NFL Playoff Schedule 2012: Most Intriguing Potential Wild Card Matchups

Brian LeighFeatured ColumnistDecember 25, 2012

SEATTLE, WA - DECEMBER 23:  Quarterback Russell Wilson #3 of the Seattle Seahawks looks downfield to pass against the San Francisco 49ers at CenturyLink Field on December 23, 2012 in Seattle, Washington.  (Photo by Otto Greule Jr/Getty Images)
Otto Greule Jr/Getty Images

Despite rounding into a definitive shape, the NFL Playoffs have yet to be finalized.

We know 10 of the 12 teams who will compete for the Lombardi Trophy this January, but the seeding of those teams is still a very fluid situation. Divisions have yet to be won and first-round home games have yet to be clinched.

But that won't keep us from looking ahead to the first weekend of 2013, hoping for certain matchups to materialize.

Here's a look at three Wild Card games that would be particularly interest-piquing. 


Seattle Seahawks at Washington Redskins:

What Needs to Happen: If the season ended today, this is the 4-5 matchup we'd get in the NFC. But there's a lot of ways that could change. First and foremost, Washington needs to make the playoffs. If they beat Dallas, they'll do just that and clinch the fourth seed.

By virtue of their Week 9 victory over Minnesota, the Seahawks—who clinched a playoff birth last week—can't fall lower than the fifth seed. But they aren't quite locked in. In order for this game to happen, Seattle also mustn't win the NFC West. That is, either the 49ers need to win against Arizona, or the Seahawks need to lose against St. Louis. 

Why We'll Watch: Why wouldn't we? In Seattle and Washington you get two of the hottest teams in the league; between them, they have 12 wins and two losses since Week 9.

You also get the captivating "Rookie QB" subplot, with Robert Griffin III squaring-off against Russell Wilson. As both are considered strong front-runners for Offensive Rookie of the Year, this game brings forth a rare opportunity to see individual competitors go head-to-head with important team-consequences at stake.

Both QBs' careers have gotten off to magnificent starts this year. But the victor would get to add a playoff win to his precocious resume. Even ignoring the momentum of both teams, that alone provides incentive to tune in.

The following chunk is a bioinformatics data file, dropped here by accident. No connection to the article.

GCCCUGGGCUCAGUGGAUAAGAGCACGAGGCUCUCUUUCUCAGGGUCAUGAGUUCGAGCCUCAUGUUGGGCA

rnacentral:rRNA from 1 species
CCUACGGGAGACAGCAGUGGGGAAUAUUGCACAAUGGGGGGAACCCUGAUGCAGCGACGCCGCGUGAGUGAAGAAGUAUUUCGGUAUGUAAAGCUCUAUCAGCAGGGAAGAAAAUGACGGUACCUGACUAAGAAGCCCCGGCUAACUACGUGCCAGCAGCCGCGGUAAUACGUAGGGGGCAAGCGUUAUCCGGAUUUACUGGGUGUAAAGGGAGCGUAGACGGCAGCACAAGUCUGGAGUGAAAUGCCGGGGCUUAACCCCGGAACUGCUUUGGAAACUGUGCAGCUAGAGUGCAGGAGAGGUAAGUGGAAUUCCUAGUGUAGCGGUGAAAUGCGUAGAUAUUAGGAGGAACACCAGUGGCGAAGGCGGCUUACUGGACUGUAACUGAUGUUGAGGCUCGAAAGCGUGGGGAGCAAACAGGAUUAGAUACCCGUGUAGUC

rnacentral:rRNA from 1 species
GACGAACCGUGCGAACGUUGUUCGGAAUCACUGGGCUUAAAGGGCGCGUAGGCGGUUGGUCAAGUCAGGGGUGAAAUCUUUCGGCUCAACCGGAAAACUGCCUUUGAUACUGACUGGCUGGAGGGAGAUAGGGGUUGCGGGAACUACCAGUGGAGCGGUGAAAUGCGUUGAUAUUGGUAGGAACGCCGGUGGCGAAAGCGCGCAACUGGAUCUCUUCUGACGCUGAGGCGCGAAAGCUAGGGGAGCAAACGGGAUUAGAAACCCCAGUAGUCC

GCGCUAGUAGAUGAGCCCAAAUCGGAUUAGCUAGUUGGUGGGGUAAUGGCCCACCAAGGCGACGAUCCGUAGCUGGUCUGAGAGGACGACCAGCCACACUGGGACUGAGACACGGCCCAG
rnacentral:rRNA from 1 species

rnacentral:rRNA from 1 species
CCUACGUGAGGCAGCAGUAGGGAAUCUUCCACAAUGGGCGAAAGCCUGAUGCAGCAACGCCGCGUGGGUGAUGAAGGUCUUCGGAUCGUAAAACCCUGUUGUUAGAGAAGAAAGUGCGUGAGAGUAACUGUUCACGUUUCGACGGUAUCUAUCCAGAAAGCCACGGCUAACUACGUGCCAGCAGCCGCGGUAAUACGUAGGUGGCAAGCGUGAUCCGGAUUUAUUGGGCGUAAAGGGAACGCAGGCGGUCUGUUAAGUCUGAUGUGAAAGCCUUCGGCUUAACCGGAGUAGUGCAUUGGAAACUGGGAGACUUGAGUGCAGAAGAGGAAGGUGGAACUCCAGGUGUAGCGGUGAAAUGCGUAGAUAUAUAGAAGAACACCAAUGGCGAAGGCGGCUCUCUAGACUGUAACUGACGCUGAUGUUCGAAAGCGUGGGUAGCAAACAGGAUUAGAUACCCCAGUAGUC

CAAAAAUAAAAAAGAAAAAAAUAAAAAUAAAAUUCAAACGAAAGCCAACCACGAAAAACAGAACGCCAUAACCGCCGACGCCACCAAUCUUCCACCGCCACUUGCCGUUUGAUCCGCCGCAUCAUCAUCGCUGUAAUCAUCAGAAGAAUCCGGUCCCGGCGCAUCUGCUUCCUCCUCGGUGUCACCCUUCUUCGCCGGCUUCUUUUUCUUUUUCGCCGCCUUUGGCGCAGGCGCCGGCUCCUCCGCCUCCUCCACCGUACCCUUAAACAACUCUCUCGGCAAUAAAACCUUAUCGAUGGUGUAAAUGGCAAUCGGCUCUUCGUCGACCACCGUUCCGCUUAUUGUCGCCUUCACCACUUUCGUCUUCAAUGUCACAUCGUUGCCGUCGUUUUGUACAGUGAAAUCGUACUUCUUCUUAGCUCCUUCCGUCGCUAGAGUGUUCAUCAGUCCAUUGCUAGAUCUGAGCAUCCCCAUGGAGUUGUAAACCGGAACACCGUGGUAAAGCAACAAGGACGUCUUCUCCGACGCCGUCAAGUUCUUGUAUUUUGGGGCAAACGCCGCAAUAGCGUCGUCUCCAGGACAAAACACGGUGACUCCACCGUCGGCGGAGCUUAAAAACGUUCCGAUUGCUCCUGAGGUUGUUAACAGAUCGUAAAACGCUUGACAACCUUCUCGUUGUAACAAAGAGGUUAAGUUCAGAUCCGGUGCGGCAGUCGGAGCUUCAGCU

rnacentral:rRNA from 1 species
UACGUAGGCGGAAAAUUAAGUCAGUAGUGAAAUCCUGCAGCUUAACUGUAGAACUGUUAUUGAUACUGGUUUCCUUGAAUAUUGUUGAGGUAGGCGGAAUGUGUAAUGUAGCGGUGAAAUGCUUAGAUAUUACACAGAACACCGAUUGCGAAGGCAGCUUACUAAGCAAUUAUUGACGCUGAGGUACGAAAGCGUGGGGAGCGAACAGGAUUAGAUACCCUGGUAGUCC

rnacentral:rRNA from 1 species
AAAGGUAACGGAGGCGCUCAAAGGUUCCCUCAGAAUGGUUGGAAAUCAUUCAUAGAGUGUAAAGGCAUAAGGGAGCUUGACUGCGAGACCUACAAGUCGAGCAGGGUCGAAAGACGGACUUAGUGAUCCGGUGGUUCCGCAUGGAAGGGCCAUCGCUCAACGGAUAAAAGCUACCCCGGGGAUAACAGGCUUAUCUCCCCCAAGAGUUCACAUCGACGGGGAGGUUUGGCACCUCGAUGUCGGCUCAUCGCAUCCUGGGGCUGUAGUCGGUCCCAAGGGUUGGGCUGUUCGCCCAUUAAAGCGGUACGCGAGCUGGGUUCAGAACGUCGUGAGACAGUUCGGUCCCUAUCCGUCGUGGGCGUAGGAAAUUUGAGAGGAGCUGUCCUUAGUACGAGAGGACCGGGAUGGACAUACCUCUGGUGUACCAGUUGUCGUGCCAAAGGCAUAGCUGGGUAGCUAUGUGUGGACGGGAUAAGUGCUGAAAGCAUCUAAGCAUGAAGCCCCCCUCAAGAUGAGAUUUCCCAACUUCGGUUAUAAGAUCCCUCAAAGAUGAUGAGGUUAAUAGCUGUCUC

New York Giants at San Francisco 49ers:

What Needs to Happen: Put simply: a lot. For one thing, New York needs to make the playoffs. That would require not just a win over the Eagles, but also losses from Minnesota, Chicago and Dallas. As's Bill Barnwell kindly reminds us, that only has an 8.5-percent chance of happening

Then there's the Niners who, in order for this game to happen, would need to relinquish the NFC West title. That would require a loss against the lowly Cardinals coupled with a Seahawks win over St. Louis.

And even if that happened, Minnesota would need to lose to the Packers, who—thanks to the "Fail Mary" debacle—lose a head-to-head tiebreaker against Seattle. If, and only if, all of these things happen, San Francisco would host the Giants in the NFC's 3-6 Wild Card game. 

Why We'll Watch: The Giants have been listless of late, but they're a different team once they reach January. That's the way it's always been.

They visited San Francisco back in Week 6 and pummeled the Niners 26-3 on their own turf. This would be a rematch of that game, but more importantly, it'd be a rematch of last year's NFC Championship Game—the one that San Francisco literally fumbled away.

Combine that with Colin Kaepernick's first playoff start, manifold shots of Alex Smith pouting on the sideline and the whole "can New York do it again?" angle, and we've got ourselves an interesting ball game.


Indianapolis Colts at Baltimore Ravens:

What Needs to Happen: Like Seahawks-Redskins, this would be a 4-5 Wild Card matchup if the season ended today.

Indianapolis is locked into the fifth seed and the Ravens have clinched the AFC North. But in order for this game to stay locked in, the Ravens need to remain behind New England, whom they hold a head-to-head tiebreaker over. 

So with either a Baltimore loss at Cincinnati, or a New England win against Miami, this game will be set in stone.

Why We'll Watch: I haven't been bashful talking about how I think both of these teams are overrated. But even though it wouldn't be the highest-quality playoff football we've ever seen, it would still be plenty entertaining.

Andrew Luck has passed each and every test this year, and he's done so with the aplomb of a seasoned vet. But the playoffs are a different monster. The Ravens have a creaky, injured defense, but it's still hard to imagine a harder first playoff game than at Baltimore.

Throw in the outcome-irrelevant-but-still-captivating bitterness Baltimore feels about Indianapolis stealing their beloved Colts, and you have a game that's definitely worth watching.